Wednesday, June 2, 2010

What we're listening to: Here Lies Love by David Byrne & Fatboy Slim

What I knew: album collaboration between David Byrne and Fatboy Slim, featuring various female vocalists (and two males: Steve Earle and Bryne himself). I'm on board!

What I didn't know: it was a two-disc song cycle about Imelda Marcos and her nanny with a disco/pop influence. Huh?

Two aspects bother me: 1)I'm not a fan of disco, which is thankfully cordoned off onto the first disc and 2)The focus is on the chronological storytelling, more than the overall sound the record presents; it's ultimately disjointed which could be attributed to the differing vocal styles of the guest singers. The very thing that makes the record interesting makes it odd to listen to. Alas, the lineup of singers (Florence Welch, Candie Payne, Tori Amos, Martha Wainwright, Nellie McKay, Steve Earle, Cyndi Lauper, Allison Moorer, Charmaine Clamor, Roisin Murphy, Camille, Theresa Andersson, Sharon Jones, Alice Russell, Kate Pierson, Sia, Santigold, David Bryne, Nicole Atkins, Natalie Merchant, and Shara Worden) was impressive on paper.

Though I like it, don't be fooled by the single track "American Troglodyte" (Byrne on vocals)-- it doesn't represent the album well. It is the most modern and influenced by Fatboy Slim of the bunch. Unfortunately, there are tracks on disc one that I don't like ("Walk Like a Woman" with Charmaine Clamor being one. I'm not fond of the pop arrangement and the ridiculous lyrics). Although, to be fair, the first disc does have a couple decent tracks: Nellie McKay's "How Are You?" and Roisin Murphy's "Don't You Agree." I like them as artists apart from this project, so that may have influenced me.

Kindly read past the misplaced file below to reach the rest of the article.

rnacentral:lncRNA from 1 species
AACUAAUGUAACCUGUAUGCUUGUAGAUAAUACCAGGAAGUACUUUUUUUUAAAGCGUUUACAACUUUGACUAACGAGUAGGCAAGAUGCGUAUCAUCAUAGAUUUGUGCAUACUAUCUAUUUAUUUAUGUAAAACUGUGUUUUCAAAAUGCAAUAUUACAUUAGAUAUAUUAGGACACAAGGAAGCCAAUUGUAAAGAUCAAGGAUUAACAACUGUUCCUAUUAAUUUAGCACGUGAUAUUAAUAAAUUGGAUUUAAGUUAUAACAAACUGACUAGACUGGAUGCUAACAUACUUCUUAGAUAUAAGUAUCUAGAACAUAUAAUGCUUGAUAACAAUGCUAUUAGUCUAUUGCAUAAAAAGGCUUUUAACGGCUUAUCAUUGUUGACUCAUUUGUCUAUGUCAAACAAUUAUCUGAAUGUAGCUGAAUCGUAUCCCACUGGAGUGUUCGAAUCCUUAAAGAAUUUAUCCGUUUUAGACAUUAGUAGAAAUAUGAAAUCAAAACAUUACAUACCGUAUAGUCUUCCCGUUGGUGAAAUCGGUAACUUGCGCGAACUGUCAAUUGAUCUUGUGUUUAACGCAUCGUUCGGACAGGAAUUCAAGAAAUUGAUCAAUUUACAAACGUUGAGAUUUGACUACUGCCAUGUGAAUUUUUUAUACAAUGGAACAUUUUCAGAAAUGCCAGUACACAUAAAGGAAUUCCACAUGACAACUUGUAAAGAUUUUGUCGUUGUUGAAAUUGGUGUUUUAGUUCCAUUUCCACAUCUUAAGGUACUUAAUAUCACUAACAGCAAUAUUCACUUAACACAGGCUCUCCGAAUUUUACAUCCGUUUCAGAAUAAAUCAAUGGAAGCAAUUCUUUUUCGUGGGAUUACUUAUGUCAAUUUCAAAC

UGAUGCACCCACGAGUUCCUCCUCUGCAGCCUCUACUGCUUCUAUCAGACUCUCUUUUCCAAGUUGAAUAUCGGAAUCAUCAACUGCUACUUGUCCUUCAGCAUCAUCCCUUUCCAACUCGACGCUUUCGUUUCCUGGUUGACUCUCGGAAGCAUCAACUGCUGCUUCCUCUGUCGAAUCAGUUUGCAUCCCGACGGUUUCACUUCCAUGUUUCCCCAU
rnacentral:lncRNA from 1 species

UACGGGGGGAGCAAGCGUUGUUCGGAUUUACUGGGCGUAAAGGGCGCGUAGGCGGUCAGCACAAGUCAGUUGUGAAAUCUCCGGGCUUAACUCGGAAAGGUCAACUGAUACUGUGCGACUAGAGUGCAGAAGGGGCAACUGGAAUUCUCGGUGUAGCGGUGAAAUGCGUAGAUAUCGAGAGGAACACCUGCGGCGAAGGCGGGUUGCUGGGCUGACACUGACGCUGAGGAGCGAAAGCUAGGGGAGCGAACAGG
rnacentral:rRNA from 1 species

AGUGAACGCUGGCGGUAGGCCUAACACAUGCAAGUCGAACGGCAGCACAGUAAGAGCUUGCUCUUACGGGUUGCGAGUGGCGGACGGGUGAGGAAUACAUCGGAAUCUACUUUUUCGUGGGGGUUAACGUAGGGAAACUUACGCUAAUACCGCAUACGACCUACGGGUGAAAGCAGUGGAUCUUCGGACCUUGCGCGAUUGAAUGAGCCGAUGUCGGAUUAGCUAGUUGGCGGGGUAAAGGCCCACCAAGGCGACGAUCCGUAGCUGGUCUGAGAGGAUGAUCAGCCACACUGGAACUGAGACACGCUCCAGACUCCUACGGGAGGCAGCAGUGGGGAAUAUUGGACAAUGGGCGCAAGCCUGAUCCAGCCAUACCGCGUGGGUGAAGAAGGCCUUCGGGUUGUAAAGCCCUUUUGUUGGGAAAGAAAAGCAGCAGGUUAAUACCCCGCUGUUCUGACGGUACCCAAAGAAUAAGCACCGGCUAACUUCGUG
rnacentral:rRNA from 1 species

The second disc is downright infectious though, especially the one-two-three punch of Kate Pierson on the B52's sound-alike "The Whole Man," Sia on "Never So Big", and Santigold on "Please Don't." "Never So Big" features a cavaquinho, which sounds similar to a ukulele, so the song has a island-party feel-- good for summer listening. Similarly, "Please Don't" breaks out the shakers and congas for a tropical vibe. Also interesting on disc two is the track "Seven Years" which features an operatic vocal by Shara Worden.

On a philosophical note, I always appreciate when someone takes a chance. I actually like that Byrne took an obscure-ish figure and shined a very bright light for a unnecessarily long time. I found that after I read the extensive liner notes, I was more motivated to really pay attention to the tracks.

I applaud Bryne for doing something different, but personally, I'd stick to disc two.

Here Lies Love
Find it in the catalog!